The latest issue of Noon, an annual that publishes short fiction, includes an excerpt a “novel in progress” by Christine Schutt. The excerpt “A Wasta, A Wetta, An Etta, A Moon” (64-68) follows an early twentieth-century family moving west together, facing the boredom of westward travel, alcoholism, and other dramas of family life uprooted from a static setting, depicted obliquely in Schutt’s abstract and playful prose style. They pass through several states without much exposition connecting their journey, and I find their final resolution in Kansas interesting.
“Kansas was the tornado signaled by a glowering sky that Ray and Lorna knew was dangerous but kept to themselves all day,” Schutt writes after a section break. There’s something interesting happening with the western as a genre, with the domestic narrative, with avant-garde fiction and its persistent, metonymic and metaphoric displacement of words and meanings. Kansas not only becomes a tornado (growing up in Kansas, you learn that nearly everyone associates the state with this windstorm), that tornado is only “signaled by” the sky and the rest of the weather that surrounds the tornado. This move from knowing the site of Kansas only through the ways in which it is displaced onto and referred back to by other aspects of setting, atmosphere, and weather signals something about the western as genre and the geographical imaginary of American literature more generally. Kansas seems like a fruitful site from which to think through these problems, as it is ostensibly in the very center of the arbitrary and enforced boundaries of the (continental) United States. In Schutt’s story, this representation of Kansas seems something like the eye of the storm, that calm place in the center, which you would be safe if you could ever get to, were you not to be completely disoriented and destroyed by the unceasing and unstable winds that surround it.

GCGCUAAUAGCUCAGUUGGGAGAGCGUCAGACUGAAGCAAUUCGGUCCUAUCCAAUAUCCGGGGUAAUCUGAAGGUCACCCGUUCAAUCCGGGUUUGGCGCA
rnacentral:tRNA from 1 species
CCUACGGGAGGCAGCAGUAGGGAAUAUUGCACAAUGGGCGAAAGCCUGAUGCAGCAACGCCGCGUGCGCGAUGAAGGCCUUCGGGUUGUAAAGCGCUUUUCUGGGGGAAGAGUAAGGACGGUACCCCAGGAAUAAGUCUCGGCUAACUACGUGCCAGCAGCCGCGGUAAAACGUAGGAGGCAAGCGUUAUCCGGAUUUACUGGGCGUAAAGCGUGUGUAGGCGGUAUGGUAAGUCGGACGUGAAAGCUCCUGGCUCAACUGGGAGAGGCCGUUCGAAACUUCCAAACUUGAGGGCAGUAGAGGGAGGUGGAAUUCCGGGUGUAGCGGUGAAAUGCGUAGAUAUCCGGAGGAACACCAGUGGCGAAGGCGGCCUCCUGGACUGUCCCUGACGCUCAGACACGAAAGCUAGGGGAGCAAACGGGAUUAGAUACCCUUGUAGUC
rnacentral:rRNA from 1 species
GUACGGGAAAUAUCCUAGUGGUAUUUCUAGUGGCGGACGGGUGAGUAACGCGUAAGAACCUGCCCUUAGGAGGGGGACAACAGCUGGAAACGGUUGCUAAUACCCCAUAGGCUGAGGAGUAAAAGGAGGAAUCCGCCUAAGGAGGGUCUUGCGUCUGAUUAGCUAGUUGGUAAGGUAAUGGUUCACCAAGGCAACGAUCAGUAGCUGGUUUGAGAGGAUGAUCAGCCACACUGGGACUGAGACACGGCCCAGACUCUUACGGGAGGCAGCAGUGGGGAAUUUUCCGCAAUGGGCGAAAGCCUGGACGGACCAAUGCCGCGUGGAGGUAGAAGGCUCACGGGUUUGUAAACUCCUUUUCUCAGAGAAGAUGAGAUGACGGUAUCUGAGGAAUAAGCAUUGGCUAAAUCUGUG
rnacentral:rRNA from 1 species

In its engagement with the western genre, Schutt’s story does something through space that Aaron Bady has identified other westerns doing through time, as when Blade Runner, 2049 “becomes the story of [the] obsolescence” of cowboys and other signifiers of westward expansion. Shifting this analysis from time to space, we can begin to see the ways that narrative and signification persistently bulldoze over the indigenous presences that existed in the western “United States” before it was called that.
This becomes clarified in an ironic paragraph toward the end of Schutt’s excerpt: “The winds picked up, the bulkhead banged, and Lorna came back. The tornado spun south of the motel—some poles down, some trees—no one was killed in the vacancy that was Kansas.” Again, we have layers of displacement, as Schutt takes us through a winding sentence that, only after several clauses, settles us on the signifier “Kansas.” But “Kansas” is itself displaced as “the vacancy that was.” This combination of the word “vacancy” with the passive and past tense verb “was” shows us the way that temporal and spacial logics of colonial expansion always work hand in hand. In order to imagine someplace like Kansas as a vacancy, we have to constantly imagine that place as both past and passive, inert and inexistent before our particular arrival in it. So perhaps it is correct to say that “no one was killed in the vacancy that was Kansas,” but the story can only write itself that way after innumerable lives were killed or displaced in order to make Kansas into that vacancy. Schutt explores these latent and hidden histories through the displacement of language, winding words, clauses, and settings around each other to try to simultaneously evoke and displace the history and literature of the American west.
As I was reading Noon annual, I also discussed Washington Irving’s “Rip Van Winkle” with an NEH summer seminar on NYC periodical publishing. Someone pointed out Irving’s late turn to indigenous folklore in the “Postscript” to the story. Throughout his Sketch-Book of Geoffrey Crayon, Irving plays with conflicting narrative frames that bring different stories and histories to us at the level of both form and format. I’m interested in how these displacing frames, like Schutt’s representation of Kansas, admit the (indigenous) existence and source of a story and the violence that effaces it, while simultaneously fantasizing that that indigeneity merely exists in the past, ironically further effacing the lives of indigenous people in Irving’s and our present. In Irving’s story, Rip Van Winkle’s account gets to sit as fact. It is only when we zoom out past the accompanying note and its subsequent postscript that we begin to see the way in which Van Winkle’s story could never remain as self-evident as it seems.
(Image from the film The Wizard of Oz)